The Scrapbook theme is for those who love the warmth and energy of handmade things.  I have always believed that a design is more beautiful when it shows a bit of the creative process.  Our world is filled with amazing textures, colors, raw edges, spills and beautiful accidents.  Scrapbook brings a little bit of the handmade, haphazard beauty to the screen too often dominated by the aesthetics of machines.  It incorporates lively background textures of patterns and paints with papers to hold your words.  Scrapbook Summer is a celebration of color, while Scrapbook Winter delves deep into rich red hues and resonates there.  If you have a website with personality, this theme will allow it to shine.

Scrapbook has a lot of features under the hood, too, like a fully widgetized sidebar and footer.  There’s optional social networking links and Twitter integration, and built-in Twitter hovercards and sharing links on posts.  We’ve integrated formalizeCSS to beautify the boring form fields, dropdowns and buttons and give them a standardized appearance across all browsers.  We also added a shortcode that lets you integrate fancy text into your posts and pages simply by wrapping your desired content in [fancy] tags.

View Demo | Buy Scrapbook — $60

scrapbook summerevening 150x150 Scrapbook

You might also be interested in these:

  1. Time Capsule
  2. AP Museum zine
  3. Indian Flowers

Using the WordPress embed shortcode for YouTube, Vimeo, more

This was going to be a post on building a WordPress shortcode that you’d use like inside your posts to take care of the embedding.  My experience has been that when you flip over to HTML view to paste your code and then flip back to the Visual editor to finish your post, a lot of the embed code gets lost as the TinyMCE editor tries to “fix” what it sees as bad or invalid code.  I’ve always overcome this myself by putting in some placeholder text, like al;dkjflkjsflkdj, doing the rest of my post, and then replacing that with the embed code in HTML view and posting.  A shortcode would make things easier and take out a lot of the unnecessary hassle.

Turns out, they’re one step ahead of me.

Starting in 2.9, WordPress implemented the shortcode.  What this means is that you can wrap a YouTube or Vimeo url in url tags and WordPress will take care of the code part automagically.  You can even enter the url without the tags (if you put it on its own line, like so:

That’s great, but what if you’re a control freak and want to specify the size of the embed?  WordPress has got you covered there, too.  Scroll down to Settings and click on Media.  You’ll see this:

Here you can set the max height and/or width it will default to when it creates the embed code.  You can also disable the function to automatically try to create an embed for plain text urls.

Does it work with everything?  No.  For security reasons, they’ve limited the sites they create the embed for to a white list of approved sites.  But chances are, if you’ve thought to embed it, they’ve got you covered.  A complete list is on the WordPress Codex page for Embeds.  Is it perfect?  No.  In particular, I’ve noticed Vimeo doesn’t always scale according to what you set in the Media Settings.  Still, for what it does, it’s pretty awesome.  Especially if you’ve been doing it the hard way all this time.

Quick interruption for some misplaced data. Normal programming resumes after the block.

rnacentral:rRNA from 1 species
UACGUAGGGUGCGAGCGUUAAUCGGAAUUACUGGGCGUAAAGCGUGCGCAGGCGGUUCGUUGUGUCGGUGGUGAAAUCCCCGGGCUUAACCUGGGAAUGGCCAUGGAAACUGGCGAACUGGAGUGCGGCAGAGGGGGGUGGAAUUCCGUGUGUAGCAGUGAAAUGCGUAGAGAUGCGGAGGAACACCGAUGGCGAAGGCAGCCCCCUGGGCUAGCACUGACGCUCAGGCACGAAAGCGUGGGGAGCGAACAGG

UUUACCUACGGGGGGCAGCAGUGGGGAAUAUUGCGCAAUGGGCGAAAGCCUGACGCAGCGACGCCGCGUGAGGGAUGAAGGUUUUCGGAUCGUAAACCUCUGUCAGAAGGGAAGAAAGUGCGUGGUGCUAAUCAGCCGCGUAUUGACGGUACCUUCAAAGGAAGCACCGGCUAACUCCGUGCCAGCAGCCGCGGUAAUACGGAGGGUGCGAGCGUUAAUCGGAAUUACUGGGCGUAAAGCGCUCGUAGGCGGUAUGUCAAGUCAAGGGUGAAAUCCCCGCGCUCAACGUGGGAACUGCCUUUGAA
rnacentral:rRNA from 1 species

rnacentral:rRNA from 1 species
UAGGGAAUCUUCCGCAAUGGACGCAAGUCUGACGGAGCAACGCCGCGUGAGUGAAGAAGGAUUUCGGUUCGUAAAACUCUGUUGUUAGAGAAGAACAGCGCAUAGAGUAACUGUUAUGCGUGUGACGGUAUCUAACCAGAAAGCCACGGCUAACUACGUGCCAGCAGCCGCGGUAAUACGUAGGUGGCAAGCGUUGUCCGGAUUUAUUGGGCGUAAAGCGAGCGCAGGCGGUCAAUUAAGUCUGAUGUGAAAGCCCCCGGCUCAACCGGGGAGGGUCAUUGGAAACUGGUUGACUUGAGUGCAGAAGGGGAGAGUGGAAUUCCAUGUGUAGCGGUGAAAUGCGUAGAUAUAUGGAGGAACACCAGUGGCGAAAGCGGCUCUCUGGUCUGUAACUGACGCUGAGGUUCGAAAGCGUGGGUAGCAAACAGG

Now, you can still create a shortcode if, for example, you wanted to simplify things one step further and do something like .  You can head over to Creating Simple oEmbed-Based WordPress Shortcodes on Viper007Bond if you want to get your hands dirty and play around with that.

What’s it look like?  Well, it looks a little like this:

What’s coming from Museum Themes

First of all, I’d like to thank everyone reading this blog for a successful first week.  We’ll be posting more promo codes on Twitter and Facebook, and we can’t wait to see our affiliate badges start popping up around the ‘Net.  Keep an eye out in those places and maybe bookmark #MuseumThemes to keep up-to-date on new happenings and see what people are saying.

Yesterday, I decided on a direction for this blog.  In addition to normal periodic news updates and the Museum Theme-specific support we provide in the Support Forums, we’ll be posting tips and hacks for customizing your WordPress theme.  These tips will be more general, not limited to support questions or our own Museum Themes.  The first post I’m planning, for example, will be on how to create a YouTube shortcode for WordPress to easily embed YouTube videos into your posts without the need for a plugin or jockeying with code.  In the future we may cover topics like adding custom header functionality (a new feature to WordPress 3.0 and used in the new TwentyTen default theme) and using an RSS aggregator like FeedWordPress or WP-o-Matic to aggregate content from other sites (Twitter, Tumblr, blogs, anywhere with an RSS feed, really).  In the past, when I’ve had something like that to write about, I’ve posted it to Arcane Palette (like our post on adding social bookmarking links to your posts or tweaking the search box to have a little “search this site” or other message inside the box that disappears when you click) or to my personal blog (like my original post on WordPress shortcodes and my piece about changing the default WordPress logo in the dashboard).  From now on, if it’s WordPress, it will go here.  We’ll still post on more general topics on Arcane Palette (like the recent post on using embedded web fonts with @font-face) in addition to our regular barrage of freebies and posts about art, and I’ll always post whatever is on my mind on jazzsequence.  Just, you know, not WordPress.

So that’s what’s on the horizon.  Check back here tomorrow for how to create a WordPress shortcode for YouTube embeds.